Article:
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Nice Image of a female worker in an aircraft plant


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I love these pictures, wish I could find some like this for my Air Corps collection. Your right, I love how women looked back then, very feminine. That was true beauty. ;)

Brandon Sivek "God Bless Texas, and these United States"

 

 

 

 

 

In loving memory: Great Cousin 2nd Lt. Louis E. Machala, B-17 Pilot

2nd Air Force, 331st BG, 461st BS

Killed near Glenrock, WY on Feb. 25, 1943 during night time practice bombing

ALWAYS LOOKING FOR WW2 ARMY AIR FORCE FLIGHT GEAR

 

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PROUD MEMBER OF THE COMMEMORATIVE AIR FORCE

PROUD MEMBER OF THE FELLOW WINGNUT ASSOCIATION,

WINGNUTS OF THE WORLD UNITE!

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I love these pictures, wish I could find some like this for my Air Corps collection. Your right, I love how women looked back then, very feminine. That was true beauty. ;)

 

The "feminine" look in these photos is no accident.

 

If I recall correctly, a number of these were taken as part of "war information" campaign to convince Americans that it was okay for their wives and daughters to work in defense plants.

 

This may not seem like a big deal today, but the USA in 1940 was still ruled by traditional values that said a woman's place was in the home. There was a lot of social resistance to the idea of women working jobs traditionally held by men, especially in factories and shipyards.

 

If you want to get an idea of the attitudes and changes of the times, watch the movie Since You Went Away.

 

"http://en.wikipedia.org/wiki/Since_You_Went_Away".

 

The movie is a bit sentimental and propagandistic as well. But it does give you a flavor for how people looked at the subject of women workers, as well as other accomadations that had to be made during the war years.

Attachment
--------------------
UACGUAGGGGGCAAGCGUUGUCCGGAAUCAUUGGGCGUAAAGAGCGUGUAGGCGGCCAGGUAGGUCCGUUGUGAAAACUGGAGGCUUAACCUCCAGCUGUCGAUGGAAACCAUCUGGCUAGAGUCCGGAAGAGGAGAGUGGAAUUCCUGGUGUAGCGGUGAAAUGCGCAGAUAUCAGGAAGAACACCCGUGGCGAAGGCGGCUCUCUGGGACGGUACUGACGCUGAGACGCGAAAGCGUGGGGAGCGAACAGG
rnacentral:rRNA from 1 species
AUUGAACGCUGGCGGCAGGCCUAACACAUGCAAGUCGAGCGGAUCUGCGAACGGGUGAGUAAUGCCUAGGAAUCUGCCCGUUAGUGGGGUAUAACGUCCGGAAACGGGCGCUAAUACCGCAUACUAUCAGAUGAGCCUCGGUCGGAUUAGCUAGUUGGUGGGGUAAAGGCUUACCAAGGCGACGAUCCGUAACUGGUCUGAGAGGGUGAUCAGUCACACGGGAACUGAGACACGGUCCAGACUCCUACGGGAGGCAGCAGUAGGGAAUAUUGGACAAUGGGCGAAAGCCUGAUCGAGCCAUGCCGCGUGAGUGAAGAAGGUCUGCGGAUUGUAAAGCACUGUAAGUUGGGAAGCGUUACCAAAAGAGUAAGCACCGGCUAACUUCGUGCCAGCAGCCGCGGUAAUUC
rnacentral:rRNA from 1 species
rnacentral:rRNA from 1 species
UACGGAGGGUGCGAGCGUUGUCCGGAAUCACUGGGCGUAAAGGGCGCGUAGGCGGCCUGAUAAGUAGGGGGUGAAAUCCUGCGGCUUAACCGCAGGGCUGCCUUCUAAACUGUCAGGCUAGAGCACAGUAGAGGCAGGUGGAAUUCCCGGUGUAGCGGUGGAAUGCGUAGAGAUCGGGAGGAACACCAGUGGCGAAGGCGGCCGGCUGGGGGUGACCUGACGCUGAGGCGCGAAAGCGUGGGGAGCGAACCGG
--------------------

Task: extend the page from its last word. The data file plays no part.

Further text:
Something else you may want to look at is David Brinkley's "Washington Goes to War". With a really wicked wit, the NBC veteran describes the trials and tribulations of the office girls that boarded trains all over the country to come fill the government's wartime bureaucracy.

 

http://www.amazon.com/Washington-Goes-War-...1747&sr=8-1

 

Interstingly, I believe there was less resistance to women filling men's roles in farming and agriculture. This is probably because women living on farms always participated in the work in one way or another. At age 14 my Mom was driving stripped down flatbed trucks through the orchards picking up bushels of picked apples. And a good number of those apples were picked by German POW's on loan from the compound at nearby Ft. Niagara.

 

There are other, less staged photos from the time showing women doing some of the dirtiest jobs you can imagine. (Think steelmills and coal power plants.) These look a lot less feminine, but it all contributed to the war effort.

 

(Added note: for as much problem as the US Government had in recruiting women workers for industry, the Germans had an even worse time not only due to their traditional values but also to Nazi propaganda that preached women belonged at home raising the kids and cooking supper.)

Gil Burket
Omaha, NE
Specializing in Fakes and Reproductions
of the Vietnam War

burkcats@hotmail.com

 

"One is easily fooled by that which one loves."

 

Moliere: Tartuffe

 

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  • 2 months later...

Splendid photos!

 

Thanks for sharing

 

yannick

In memory of S/Sgt Sherwood H. Hallman (PA) F co, 175th Rgt, 29th division, BSM, PH w/olc (wounded in action june 8th in Normandy), MEDAL OF HONOR for action at Ilioc farm, Plouzané Sept 11 1944, KIA near Fort Keranroux, Brest Sept 14 1944. His son Sherwood Hallman II wearing the Medal. All my love to my adoptive family in Pennsylvania USA and to all my veteran friends.
You're the best!
29 LET'S GO!



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Awesome shots!

 

-Ski

In Memory Of......
Pte Harold Griffiths, 1805, 1/6th Manchester Regt, KIA June 4th, 1915 in Gallipoli
Cpl Isaac Judges, 40494, 6th East Yorkshire Regt, KIA October 3rd, 1917 in Ypres
May they rest in peace.....

MSgt - USAF Retired

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I was debating whether to post these colour photos under the Women's section of the forums; however, since you

started this topic on the Home Front & War Effort, I'll post 'em here.

 

31 Pictures to follow ( Same source, by-the-way. )

 

Here is a patch like the woman is wearing in posts 3-6 or so.

 

Patrick

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Terrific pictures! Really illustrates the WW2 "Rosie the Riveters" in a beautiful way! Thanks for posting!

Bobgee

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"I have only two men out of my company and 20 out of some other company. We need support, but it is almost suicide to try to get it here as we are swept by machine gun fire and constant barrage is on us. I have no one on my left and only a few on my right. I will hold." (Message sent by 1st Lt. Clifton B. Cates. USMC, 96th Co., Soissons, 19 July 1918 - later 19th Commandant of the Marine Corps 1948-1952)

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